Reflecting on Blaze Magazine – Rap’s Literature’s Hidden Gem
Picture the scene. The year is 1998. You are bumping Black Star, DMX and Outkast in your Walkman as you enter a corner store. When you get to the magazine section, you see The Source, XXL and Blaze. Blaze Magazine was founded in 1998 by Vibe/Spin Ventures LLC. As their name suggests, they were the masterminds behind both Vibe and Spin mag.
Editor, Jesse Washington suffered facial lacerations and fractures after being allegedly attacked by four assailants. The Associated Press reported one of the attackers was producer and artist D-Dot/The Mad Rapper. D-Dot is famous for mentoring a young Kanye West and appearing as his Mad Rapper character on various album skits. Washington also alleged that former Fugees member Wyclef Jean pulled a shotgun on him after a negative review of his then-protégé Canibus’ album. This allegedly angered Jean as he produced the project.
Outside of the drama, Blaze was notorious for its heavy use of ads in the magazine. Its Fall ‘98 issue with Method Man on the cover features over 120 pages of ads. This encompassed well over 50% of the issue. Potentially, this alienated its reader base, opting for more content-heavy alternatives.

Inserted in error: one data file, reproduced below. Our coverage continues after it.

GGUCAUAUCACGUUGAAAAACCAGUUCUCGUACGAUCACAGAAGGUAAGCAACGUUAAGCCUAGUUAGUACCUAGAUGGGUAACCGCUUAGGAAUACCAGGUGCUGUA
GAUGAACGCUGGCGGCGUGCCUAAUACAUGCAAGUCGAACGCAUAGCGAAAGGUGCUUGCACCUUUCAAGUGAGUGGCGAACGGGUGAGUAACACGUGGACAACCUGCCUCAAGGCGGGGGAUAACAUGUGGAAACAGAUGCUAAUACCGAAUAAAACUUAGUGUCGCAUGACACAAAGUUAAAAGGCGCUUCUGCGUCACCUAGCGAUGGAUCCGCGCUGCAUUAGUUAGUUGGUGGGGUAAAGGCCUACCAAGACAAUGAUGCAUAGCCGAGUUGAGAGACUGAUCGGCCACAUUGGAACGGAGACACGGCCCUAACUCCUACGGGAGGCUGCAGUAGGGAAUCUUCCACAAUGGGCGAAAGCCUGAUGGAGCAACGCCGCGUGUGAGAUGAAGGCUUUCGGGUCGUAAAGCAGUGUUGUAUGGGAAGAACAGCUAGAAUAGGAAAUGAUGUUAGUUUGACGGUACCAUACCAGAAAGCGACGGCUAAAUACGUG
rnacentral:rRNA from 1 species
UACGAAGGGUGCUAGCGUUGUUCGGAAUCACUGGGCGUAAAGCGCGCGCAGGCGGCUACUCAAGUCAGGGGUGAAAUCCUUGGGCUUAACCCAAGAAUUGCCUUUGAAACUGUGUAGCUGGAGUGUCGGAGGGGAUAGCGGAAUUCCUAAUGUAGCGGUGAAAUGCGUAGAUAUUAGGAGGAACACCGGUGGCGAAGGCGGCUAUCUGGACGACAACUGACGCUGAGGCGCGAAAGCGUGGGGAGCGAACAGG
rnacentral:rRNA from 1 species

Looking back on the adverts through a modern lens, you get a real idea of popular black culture from the late 90s. Whether its adverts for FUBU, Lugz or Tommy Hilfiger, you get a revolving time capsule of the era.
Sadly, due to unfruitful sales Blaze was discontinued in the Spring of 2000. Chief executive Robert L. Miller sought to cancel Blaze because of its lack of profitability for the company. Despite being around for two years, Blaze is best remembered for having the largest launch music/entertainment magazine ever. The mag’s first two issues sold well over 250 and 300,000 copies each. During its tenure, Blaze was graced by some of rap’s biggest stars like Nas, Lil Wayne and Mobb Deep.
Blaze could be seen as a precursor to sites like The Shade Room or VladTV as their behind-the-scenes controversy fuelled its sales and interest. Rap music and drama go hand in hand. The magazine really embodied the highs and lows of the culture.